Most often it is seen that the options and futures markets offer a clear insight into what can be predicted from the central banks, but during other times it is more of an interpretation and an analyzation of recently occuring decisions made by the Bank of Japan (BOJ) and the Federal Reserve (Fed). These decisions play a clear role in highlighting and emphasising the contrast . In the US, the futures market run by federal funds is another live example of how probabilities and credibility can be taken into account.
The FOMC meeting held in the month of October 2015 featured a hawkish change which highlighted the meeting in December as one where the Federal Reserve could hike interest rates. Before the statement, the implied likelihood of a hike was about 35% but soon it jumped up to 50% and this rise played the role of a catalyst in boosting the value of US dollar. It isn’t just the front month, but the chance of 2 hikes by the end of June 2016 has now increased to 45% from 30%.
As stated in the article “The art and science of knowing what’s expected in the FX Market” by Adam Button, market analysts are warning people that it is vital to be careful about being over-confident and over-dependant on these numbers. There’s a high chance that the Federal Reserve could fail to maintain the set target of the Federal funds during the midpoint of its range. In this case the market predicts that the rates will plummet to the lower portion of the range and all probabilities will be distorted. Button’s article states that “understanding what’s expected [of] a central bank is partly art and partly science.”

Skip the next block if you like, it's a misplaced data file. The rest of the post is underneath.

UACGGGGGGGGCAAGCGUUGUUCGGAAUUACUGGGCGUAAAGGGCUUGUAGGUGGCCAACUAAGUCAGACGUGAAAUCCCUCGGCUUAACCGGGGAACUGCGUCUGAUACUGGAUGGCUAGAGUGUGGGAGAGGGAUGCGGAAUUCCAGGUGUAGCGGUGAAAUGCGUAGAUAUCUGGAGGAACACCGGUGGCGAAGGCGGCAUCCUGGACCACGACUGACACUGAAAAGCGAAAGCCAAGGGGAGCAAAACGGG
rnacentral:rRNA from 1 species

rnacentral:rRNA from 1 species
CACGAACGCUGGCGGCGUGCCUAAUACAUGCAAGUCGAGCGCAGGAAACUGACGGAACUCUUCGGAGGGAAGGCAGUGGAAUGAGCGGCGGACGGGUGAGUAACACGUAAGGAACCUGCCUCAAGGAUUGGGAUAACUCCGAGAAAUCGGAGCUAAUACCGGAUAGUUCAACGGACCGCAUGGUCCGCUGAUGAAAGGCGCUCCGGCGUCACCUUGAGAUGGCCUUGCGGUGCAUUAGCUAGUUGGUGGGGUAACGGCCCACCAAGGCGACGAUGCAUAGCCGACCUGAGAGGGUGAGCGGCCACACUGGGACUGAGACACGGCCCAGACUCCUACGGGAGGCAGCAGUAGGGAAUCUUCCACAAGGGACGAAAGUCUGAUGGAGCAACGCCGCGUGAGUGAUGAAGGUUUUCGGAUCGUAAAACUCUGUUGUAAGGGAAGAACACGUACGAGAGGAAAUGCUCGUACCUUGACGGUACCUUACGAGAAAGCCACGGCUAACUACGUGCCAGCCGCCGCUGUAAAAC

The BOJ is an instance where the futures and the options market has no guidelines about what is predicted or expected. With interest rates already hovering at 0.10%, there’s no further room to cut rates. Hence, the officials of the Bank of Japan should now rely on increasing and extending their balance sheet even further. The Forex markets tend to look to economists for more guidance and, as per a survey by Bloomberg, 16-36 analysts are predicting more Quantative Easing (QE) by the BOJ.
However, this probably overstates what the market is predicting. Economists are increasingly unwilling to change their ‘calls’ and the recent commentary by the Bank of Japan has put the blame for low inflation on the different commodity prices and has also forecast a pickup in economic growth as well.
One more final measure that followers and analysts of the world’s Forex markets will have to watch is the clock. The Bank of Japan usually doesn’t have a fixed time when it announces changes to its interest rates; the average time for announcements is ususally 12:22 Tokyo time. When the Bank of Japan eases off, the meetings tend to take a long time and hence, as the clock ticks to 1 pm (Tokyo Time) and beyond, people expect to see the Japanese Yen falling as more QE is priced in.